Associates, Carrots and Sticks

I visited a lovely practice this week, which is typical of manyThe principal earns around 70% of the gross fees despite working with two associates and two hygienists. Without the principal’s contribution to the gross, the practice is simply unviable as a business. This puts an enormous load on the principal and in many cases (including this one) they earn far less of their gross than if they worked as an associate…

Many principals I meet feel that their associates are simply:

  • Not pulling their weight in terms of how much clinical dentistry they produce.
  • Receiving a disproportionate amount of pay for the dentistry that they do produce.

And that’s not all. Paradoxically, the associates are often unhappy too, many of them feeling undervalued, uninformed, out of the loop and unappreciated. This is not a formula for a successful, happy, profitable practice and in these straightened times, some practices are being brought close to the edge of the financial cliff by these behaviours.

Owning a dental practice means that you have the opportunity to grow a great business, earn a great income and create a valuable asset that you can sell. Working as an associate in a dental practice should be both fun and very well paid. So, how is it that I meet so many principals who are dangerously stressed because, despite having one or more associates to help increase both the practice turnover and profits, the success of their practice is still too dependent on the volume of dentistry that they diagnose, treatment plan, sell and produce.

There is a better way and many practices that we work with are very profitable with (relatively) relaxed principals and content associates. So, below I’ve summarised the 10 most effective strategies and behaviours that you and your associates must demonstrate in order to create long term, rewarding, win:win working partnerships:

The Top 10 Ways To Have Happy, Profitable Associates!

  1. Hire associates who share at least some of your values. This will mean that you fundamentally understand each other and just as important, like each other! Don’t hire anyone that you wouldn’t want to get into a lifeboat with!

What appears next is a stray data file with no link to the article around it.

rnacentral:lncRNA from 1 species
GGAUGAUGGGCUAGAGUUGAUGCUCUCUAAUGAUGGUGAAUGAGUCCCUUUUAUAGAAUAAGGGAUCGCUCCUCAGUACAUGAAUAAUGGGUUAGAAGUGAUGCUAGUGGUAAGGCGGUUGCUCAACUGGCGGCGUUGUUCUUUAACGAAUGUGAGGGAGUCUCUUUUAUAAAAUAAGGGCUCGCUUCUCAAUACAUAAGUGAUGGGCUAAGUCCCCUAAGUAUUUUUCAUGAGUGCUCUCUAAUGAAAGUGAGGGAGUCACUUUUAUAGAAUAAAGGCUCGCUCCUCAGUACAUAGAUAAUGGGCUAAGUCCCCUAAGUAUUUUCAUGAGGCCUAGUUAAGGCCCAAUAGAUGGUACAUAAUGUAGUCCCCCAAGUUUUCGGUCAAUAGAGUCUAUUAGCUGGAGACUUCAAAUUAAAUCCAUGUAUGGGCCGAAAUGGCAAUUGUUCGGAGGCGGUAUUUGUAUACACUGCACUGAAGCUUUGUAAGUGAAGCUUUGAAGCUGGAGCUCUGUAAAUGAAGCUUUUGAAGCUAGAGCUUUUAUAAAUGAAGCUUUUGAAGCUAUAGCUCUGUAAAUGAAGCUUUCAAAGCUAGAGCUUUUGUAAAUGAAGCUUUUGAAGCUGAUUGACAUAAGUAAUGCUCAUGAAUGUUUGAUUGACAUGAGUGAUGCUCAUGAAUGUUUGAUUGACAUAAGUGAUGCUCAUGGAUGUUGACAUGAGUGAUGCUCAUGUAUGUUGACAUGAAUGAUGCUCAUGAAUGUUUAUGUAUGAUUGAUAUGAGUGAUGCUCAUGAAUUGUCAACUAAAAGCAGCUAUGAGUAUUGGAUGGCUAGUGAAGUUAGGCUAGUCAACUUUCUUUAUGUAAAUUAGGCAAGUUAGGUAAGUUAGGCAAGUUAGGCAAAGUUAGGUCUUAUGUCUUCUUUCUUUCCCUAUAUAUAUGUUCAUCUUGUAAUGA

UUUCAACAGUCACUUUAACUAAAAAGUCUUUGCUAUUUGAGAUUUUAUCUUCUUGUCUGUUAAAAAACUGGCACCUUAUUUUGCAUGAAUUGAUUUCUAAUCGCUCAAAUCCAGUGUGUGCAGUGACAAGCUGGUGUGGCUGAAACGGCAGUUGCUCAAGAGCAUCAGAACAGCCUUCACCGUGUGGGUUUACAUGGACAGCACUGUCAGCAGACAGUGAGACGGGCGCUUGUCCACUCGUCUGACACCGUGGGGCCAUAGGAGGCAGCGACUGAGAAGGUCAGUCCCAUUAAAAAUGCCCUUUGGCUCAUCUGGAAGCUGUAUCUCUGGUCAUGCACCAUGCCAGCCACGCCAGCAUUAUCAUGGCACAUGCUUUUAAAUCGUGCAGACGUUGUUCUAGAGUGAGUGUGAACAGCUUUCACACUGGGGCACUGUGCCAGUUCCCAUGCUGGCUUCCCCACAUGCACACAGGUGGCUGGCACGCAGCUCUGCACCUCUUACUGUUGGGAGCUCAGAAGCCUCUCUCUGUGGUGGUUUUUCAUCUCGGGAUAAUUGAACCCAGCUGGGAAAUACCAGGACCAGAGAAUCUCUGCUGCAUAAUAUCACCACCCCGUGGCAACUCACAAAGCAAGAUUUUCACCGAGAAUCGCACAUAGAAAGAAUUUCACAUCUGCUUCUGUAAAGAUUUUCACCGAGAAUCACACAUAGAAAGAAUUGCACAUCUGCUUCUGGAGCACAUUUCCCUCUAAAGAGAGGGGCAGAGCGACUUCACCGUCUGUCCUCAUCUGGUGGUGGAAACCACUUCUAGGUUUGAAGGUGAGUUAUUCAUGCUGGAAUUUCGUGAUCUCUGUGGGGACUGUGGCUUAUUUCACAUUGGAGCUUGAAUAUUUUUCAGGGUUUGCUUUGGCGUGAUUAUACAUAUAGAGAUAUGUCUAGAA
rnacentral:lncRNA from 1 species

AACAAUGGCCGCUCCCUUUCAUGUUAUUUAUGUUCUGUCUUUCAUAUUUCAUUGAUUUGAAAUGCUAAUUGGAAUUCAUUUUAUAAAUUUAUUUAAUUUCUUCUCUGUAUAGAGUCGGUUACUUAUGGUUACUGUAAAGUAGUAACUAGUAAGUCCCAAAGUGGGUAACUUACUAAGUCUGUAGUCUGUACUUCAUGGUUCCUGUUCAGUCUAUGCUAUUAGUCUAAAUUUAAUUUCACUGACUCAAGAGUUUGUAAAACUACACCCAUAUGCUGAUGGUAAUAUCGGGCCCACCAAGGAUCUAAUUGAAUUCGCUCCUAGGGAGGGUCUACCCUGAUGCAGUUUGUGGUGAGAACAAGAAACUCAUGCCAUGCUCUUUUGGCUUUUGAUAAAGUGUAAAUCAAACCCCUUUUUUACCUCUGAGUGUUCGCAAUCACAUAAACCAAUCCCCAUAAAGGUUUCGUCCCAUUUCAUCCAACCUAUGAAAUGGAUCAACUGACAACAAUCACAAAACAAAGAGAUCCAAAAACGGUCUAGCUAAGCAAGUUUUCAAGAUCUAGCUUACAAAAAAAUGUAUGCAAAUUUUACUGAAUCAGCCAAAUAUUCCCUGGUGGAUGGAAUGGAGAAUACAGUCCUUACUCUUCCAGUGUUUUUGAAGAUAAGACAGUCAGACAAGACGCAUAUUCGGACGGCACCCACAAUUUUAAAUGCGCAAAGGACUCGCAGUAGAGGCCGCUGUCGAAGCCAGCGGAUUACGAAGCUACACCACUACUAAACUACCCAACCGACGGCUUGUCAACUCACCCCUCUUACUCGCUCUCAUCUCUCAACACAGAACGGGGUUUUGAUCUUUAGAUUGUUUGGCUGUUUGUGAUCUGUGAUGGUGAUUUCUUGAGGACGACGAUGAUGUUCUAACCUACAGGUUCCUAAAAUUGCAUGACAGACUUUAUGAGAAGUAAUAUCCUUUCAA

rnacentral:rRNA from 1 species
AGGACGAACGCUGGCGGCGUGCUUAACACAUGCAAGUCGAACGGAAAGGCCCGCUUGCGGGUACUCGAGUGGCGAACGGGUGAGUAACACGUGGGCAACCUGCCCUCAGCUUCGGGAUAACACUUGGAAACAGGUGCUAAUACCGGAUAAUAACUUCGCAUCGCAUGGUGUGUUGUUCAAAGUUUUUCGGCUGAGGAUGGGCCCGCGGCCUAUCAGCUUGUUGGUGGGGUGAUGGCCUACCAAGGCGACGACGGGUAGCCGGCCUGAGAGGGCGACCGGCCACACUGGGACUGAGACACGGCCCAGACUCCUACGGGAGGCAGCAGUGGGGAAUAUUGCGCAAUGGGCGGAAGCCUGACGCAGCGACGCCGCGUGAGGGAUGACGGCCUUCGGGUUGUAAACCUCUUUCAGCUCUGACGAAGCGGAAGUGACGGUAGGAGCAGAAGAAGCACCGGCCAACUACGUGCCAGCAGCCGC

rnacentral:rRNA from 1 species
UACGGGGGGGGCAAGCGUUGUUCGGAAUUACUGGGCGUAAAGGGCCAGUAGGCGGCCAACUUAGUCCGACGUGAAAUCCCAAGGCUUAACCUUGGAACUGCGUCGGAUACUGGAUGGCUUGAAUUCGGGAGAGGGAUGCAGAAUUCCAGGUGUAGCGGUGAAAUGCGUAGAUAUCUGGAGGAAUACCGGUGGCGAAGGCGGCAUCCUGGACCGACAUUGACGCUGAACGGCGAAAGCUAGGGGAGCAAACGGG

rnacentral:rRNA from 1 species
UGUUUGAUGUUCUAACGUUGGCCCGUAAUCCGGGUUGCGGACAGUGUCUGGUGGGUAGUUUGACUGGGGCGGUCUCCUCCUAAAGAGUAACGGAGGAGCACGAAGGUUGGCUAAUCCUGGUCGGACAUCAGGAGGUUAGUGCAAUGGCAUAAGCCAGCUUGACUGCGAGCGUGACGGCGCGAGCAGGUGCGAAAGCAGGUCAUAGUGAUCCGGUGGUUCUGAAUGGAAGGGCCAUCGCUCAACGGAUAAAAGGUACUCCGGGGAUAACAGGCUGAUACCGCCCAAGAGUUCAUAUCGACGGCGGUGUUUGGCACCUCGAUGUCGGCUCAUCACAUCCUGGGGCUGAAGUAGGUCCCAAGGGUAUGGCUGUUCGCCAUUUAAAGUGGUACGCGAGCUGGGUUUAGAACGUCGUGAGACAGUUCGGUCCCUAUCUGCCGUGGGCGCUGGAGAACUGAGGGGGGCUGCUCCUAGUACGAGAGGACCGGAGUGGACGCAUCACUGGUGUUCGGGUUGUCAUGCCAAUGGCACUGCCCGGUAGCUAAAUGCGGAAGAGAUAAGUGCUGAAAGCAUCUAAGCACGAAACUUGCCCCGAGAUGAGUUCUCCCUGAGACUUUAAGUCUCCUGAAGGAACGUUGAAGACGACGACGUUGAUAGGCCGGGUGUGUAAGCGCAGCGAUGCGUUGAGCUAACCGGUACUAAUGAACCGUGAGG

2. Share your vision for the future of your practice with your associates and ask for their help in putting this into place. Tell them what’s in it for them.
  3. Hire a different and complementary skill set to your own so that you both bring clinical strengths to the practice patient base by cross referral.
  4. Coach, mentor, consult and train your associates. Good associates can get even better by watching and listening to their principals, particularly when they are working in surgery. It is rare these days for associates to sit in a principal’s surgery. As a young dentist, I did it a lot and learned some valuable skills, both clinical and patient management.
  5. Find plenty of time to communicate with each other! Many principals find it impossible to have meaningful conversations with their associates and vice versa. Discuss, disclose and share your personal agendas. Find out what’s working for one or both of you and what isn’t working. Talk about money and whether you feel you both are getting paid enough!
  6. Use a sliding scale (35 to 65%) to reward high earners and protect yourself from low earners. Set targets for everyone (including the principal, make them available to the whole team and have the whole team help in achieving the, with a bonus for going beyond the targets.
  7. Learn together. Go to conferences, courses, cpd evenings together, try something new together and compare results. Go into each other’s surgeries a lot every day. Resist the biggest threat facing all dentists – boredom!
  8. Use praise a lot. As a generalisation, principals are quick to criticise and slow to praise. Everyone on the team needs praise from their principal that they are doing the right thing. We are all longing to be lead.
  9. Zone all of your dentists’ diaries to create the right mixture of high earning, hourly rate and below hourly rate dentistry into every day, so that every day is a good day.
  10. Have a contract so that everyone knows what the rules are. In particular, agree the amount of time that your associates spend in your practice, including the hours they will be available in the day (no going home early because there wasn’t a patient) and the precise amount of holiday and cpd. Agree all this and timetable it for all clinicians, a year in advance.

It’s not enough to be the practice owner and the lead clinician. Principals have to be skilled in leadership and the 10 points I have highlighted are mainly leadership skills. As the leader, you have to be inspiring and motivational, a great communicator, empathic, a good listener and walk all of your talk. You have to be clear where your practice is going and surround yourself with people who want to help you get there.

Now, does this sound like the kind of principal you would like to be?


Simon Hocken Director of Coaching, Breathe Business


For more guidance on running a successful practice, contact the Breathe team on 0845 299 7209 or


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